Leclerc lights up Bahrain with his first pole position in Formula One

Leclerc lights up Bahrain with his first pole position in Formula OneCharles Leclerc upstaged Sebastian Vettel to claim his first pole position for Sunday's Bahrain Grand Prix.

In only his second race for Ferrari, the young driver from Monaco put his car on pole, to beat Vettel by nearly a third of a second as the Italian team issued the perfect response to their troubles in Melbourne.

Lewis Hamilton and Mercedes had no answer to Ferrari's pace, with the world champion to line up third, with team-mate Valtteri Bottas fourth.

Mercedes ripped up the testing form book to dominate in Melbourne a fortnight ago but the silver cars were handed a thrashing under the lamps that light up this Sakhir circuit.

Yet, it was the performance of Leclerc who, aged just 21 years and five months, and in only his second season in F1, delivered a message of intent to elder statesman team-mate, Vettel.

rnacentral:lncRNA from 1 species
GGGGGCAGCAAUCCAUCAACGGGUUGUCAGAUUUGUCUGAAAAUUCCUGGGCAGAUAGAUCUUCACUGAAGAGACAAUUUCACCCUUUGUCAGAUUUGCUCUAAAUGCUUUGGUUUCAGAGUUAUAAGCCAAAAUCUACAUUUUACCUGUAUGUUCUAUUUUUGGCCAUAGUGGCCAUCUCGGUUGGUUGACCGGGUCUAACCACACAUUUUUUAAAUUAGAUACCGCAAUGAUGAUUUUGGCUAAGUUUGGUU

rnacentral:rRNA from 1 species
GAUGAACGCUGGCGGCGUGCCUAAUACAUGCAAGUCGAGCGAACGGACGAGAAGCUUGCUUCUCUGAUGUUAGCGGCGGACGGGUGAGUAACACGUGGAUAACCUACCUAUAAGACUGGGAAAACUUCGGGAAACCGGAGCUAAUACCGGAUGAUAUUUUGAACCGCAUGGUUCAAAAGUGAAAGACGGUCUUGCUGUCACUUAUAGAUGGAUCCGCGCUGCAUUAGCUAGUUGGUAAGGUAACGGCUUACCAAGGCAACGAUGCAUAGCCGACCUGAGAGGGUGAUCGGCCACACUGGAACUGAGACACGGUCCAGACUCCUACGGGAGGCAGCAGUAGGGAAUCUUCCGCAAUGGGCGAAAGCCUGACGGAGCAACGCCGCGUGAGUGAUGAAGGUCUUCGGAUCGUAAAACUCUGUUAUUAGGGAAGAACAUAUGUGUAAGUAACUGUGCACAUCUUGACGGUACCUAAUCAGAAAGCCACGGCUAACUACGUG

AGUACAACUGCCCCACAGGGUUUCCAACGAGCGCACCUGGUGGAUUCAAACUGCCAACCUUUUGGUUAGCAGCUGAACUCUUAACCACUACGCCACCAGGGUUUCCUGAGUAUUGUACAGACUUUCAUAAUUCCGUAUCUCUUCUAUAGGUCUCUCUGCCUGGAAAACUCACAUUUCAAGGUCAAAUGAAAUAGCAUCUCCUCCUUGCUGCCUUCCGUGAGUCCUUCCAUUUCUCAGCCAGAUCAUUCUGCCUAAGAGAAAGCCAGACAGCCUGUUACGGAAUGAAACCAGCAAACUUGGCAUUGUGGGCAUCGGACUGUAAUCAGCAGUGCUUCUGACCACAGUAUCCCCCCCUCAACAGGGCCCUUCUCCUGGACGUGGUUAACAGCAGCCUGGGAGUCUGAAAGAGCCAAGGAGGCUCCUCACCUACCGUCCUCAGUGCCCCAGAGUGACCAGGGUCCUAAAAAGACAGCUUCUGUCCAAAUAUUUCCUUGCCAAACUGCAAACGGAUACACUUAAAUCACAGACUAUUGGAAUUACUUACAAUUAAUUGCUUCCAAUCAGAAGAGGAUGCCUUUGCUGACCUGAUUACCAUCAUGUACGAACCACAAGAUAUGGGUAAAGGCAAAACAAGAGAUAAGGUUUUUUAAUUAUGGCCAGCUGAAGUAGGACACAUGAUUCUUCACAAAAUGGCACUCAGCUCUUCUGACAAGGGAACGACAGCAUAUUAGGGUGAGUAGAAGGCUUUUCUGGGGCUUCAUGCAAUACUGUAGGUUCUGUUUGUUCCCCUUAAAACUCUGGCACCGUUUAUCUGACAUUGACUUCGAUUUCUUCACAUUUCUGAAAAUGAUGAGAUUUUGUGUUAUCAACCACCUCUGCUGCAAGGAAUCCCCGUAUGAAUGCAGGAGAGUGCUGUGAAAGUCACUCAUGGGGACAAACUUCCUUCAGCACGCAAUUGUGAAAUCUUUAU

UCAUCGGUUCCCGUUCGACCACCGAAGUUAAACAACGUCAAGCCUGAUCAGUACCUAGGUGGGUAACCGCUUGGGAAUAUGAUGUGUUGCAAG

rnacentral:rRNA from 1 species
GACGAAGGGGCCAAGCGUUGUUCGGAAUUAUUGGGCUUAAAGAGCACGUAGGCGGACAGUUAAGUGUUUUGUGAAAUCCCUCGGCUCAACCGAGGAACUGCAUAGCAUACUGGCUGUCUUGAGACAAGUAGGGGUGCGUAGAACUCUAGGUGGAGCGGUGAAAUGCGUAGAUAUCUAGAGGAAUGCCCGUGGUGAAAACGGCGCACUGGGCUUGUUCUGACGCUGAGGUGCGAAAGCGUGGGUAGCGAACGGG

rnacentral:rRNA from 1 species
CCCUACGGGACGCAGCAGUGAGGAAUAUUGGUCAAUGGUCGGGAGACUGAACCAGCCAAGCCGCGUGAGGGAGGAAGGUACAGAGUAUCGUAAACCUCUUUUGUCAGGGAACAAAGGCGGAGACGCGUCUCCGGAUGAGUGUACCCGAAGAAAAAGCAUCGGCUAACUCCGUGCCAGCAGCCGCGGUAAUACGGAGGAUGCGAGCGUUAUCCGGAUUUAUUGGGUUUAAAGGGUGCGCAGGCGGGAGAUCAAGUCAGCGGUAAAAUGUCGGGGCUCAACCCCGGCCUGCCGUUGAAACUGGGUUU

British Grand Prix - Qualifying - Silverstone
Vettel has been given food for thought by new team-mate Leclerc. (David Davies/PA)

Leclerc was not allowed to pass the four-time world champion in the closing stages of the season-opening race due to the German's de facto number one status.

But the Ferrari hierarchy will surely be forced into a rethink given the impressive nature of Leclerc's showing here.

Vettel, limited to just one shot at pole after making a mistake in the second phase of qualifying, will be alarmed.

So, too, will Hamilton and Mercedes as they could have been forgiven for leaving the first race with their sights set on a record-equalling sixth consecutive constructors' championship.

Now they know they are in a fight, with Ferrari matching McLaren and Williams with their 62nd front-row lockout.

Max Verstappen qualified fifth for Red Bull, while a rejuvenated McLaren managed to get both of their cars into Q3 for the first time since Malaysia 2017, with Carlos Sainz to line up sixth and British teenager Lando Norris 10th.

Williams are a team in deep crisis, and they will occupy the last row. British novice George Russell and Robert Kubica were an eye-watering 1.5 sec slower than the next car.

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